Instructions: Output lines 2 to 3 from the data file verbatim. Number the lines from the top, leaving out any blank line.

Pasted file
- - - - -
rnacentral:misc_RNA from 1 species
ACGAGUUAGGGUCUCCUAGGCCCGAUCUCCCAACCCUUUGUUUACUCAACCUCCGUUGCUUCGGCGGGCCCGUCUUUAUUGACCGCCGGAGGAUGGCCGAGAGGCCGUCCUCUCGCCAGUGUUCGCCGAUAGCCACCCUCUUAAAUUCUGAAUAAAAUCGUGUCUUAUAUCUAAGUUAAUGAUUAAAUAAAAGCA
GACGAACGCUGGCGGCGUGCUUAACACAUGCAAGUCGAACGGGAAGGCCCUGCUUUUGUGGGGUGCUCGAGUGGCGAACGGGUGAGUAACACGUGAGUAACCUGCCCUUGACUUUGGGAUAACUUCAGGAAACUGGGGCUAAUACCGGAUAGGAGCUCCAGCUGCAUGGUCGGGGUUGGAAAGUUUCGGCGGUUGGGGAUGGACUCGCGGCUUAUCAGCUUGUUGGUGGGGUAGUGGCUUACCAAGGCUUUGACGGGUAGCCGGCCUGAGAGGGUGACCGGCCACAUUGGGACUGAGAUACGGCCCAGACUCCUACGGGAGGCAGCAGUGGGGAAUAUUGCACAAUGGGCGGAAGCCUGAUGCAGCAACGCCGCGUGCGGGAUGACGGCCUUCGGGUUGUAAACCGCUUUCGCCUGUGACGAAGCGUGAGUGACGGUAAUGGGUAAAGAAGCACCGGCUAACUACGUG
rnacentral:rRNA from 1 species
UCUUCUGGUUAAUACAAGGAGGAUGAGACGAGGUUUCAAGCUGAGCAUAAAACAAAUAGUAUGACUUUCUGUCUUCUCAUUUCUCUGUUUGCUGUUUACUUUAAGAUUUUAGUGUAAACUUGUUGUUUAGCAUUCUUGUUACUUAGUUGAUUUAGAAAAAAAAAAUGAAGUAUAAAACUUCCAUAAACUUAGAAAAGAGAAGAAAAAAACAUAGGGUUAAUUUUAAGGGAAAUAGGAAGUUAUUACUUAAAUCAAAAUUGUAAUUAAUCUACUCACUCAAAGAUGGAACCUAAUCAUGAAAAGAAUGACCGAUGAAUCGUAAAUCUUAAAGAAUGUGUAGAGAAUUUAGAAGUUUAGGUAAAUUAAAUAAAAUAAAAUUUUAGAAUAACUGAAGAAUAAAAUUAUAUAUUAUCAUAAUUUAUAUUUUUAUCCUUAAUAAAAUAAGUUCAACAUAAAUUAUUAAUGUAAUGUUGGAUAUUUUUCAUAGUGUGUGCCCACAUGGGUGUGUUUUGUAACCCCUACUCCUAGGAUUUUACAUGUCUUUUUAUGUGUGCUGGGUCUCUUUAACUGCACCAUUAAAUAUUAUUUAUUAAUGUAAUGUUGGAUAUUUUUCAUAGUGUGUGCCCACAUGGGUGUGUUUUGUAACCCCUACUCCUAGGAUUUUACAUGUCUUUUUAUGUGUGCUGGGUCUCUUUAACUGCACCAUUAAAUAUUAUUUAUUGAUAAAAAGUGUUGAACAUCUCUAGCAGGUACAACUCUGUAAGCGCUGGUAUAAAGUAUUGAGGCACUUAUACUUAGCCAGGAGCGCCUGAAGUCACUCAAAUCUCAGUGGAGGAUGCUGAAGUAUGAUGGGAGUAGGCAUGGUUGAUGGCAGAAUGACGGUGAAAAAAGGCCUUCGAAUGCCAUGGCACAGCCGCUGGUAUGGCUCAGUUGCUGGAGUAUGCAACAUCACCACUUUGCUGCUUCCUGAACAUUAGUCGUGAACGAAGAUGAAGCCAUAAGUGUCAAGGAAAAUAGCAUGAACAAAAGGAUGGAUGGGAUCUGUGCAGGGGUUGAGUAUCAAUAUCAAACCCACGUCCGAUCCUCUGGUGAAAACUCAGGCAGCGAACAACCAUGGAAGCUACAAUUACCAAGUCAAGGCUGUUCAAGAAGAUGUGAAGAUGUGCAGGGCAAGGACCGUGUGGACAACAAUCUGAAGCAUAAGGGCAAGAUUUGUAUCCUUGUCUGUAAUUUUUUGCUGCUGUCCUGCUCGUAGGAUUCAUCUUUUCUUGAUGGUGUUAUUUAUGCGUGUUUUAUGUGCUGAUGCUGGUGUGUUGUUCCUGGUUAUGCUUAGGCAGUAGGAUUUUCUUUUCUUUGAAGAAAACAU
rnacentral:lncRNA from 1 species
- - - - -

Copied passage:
ACGAGUUAGGGUCUCCUAGGCCCGAUCUCCCAACCCUUUGUUUACUCAACCUCCGUUGCUUCGGCGGGCCCGUCUUUAUUGACCGCCGGAGGAUGGCCGAGAGGCCGUCCUCUCGCCAGUGUUCGCCGAUAGCCACCCUCUUAAAUUCUGAAUAAAAUCGUGUCUUAUAUCUAAGUUAAUGAUUAAAUAAAAGCA
GACGAACGCUGGCGGCGUGCUUAACACAUGCAAGUCGAACGGGAAGGCCCUGCUUUUGUGGGGUGCUCGAGUGGCGAACGGGUGAGUAACACGUGAGUAACCUGCCCUUGACUUUGGGAUAACUUCAGGAAACUGGGGCUAAUACCGGAUAGGAGCUCCAGCUGCAUGGUCGGGGUUGGAAAGUUUCGGCGGUUGGGGAUGGACUCGCGGCUUAUCAGCUUGUUGGUGGGGUAGUGGCUUACCAAGGCUUUGACGGGUAGCCGGCCUGAGAGGGUGACCGGCCACAUUGGGACUGAGAUACGGCCCAGACUCCUACGGGAGGCAGCAGUGGGGAAUAUUGCACAAUGGGCGGAAGCCUGAUGCAGCAACGCCGCGUGCGGGAUGACGGCCUUCGGGUUGUAAACCGCUUUCGCCUGUGACGAAGCGUGAGUGACGGUAAUGGGUAAAGAAGCACCGGCUAACUACGUG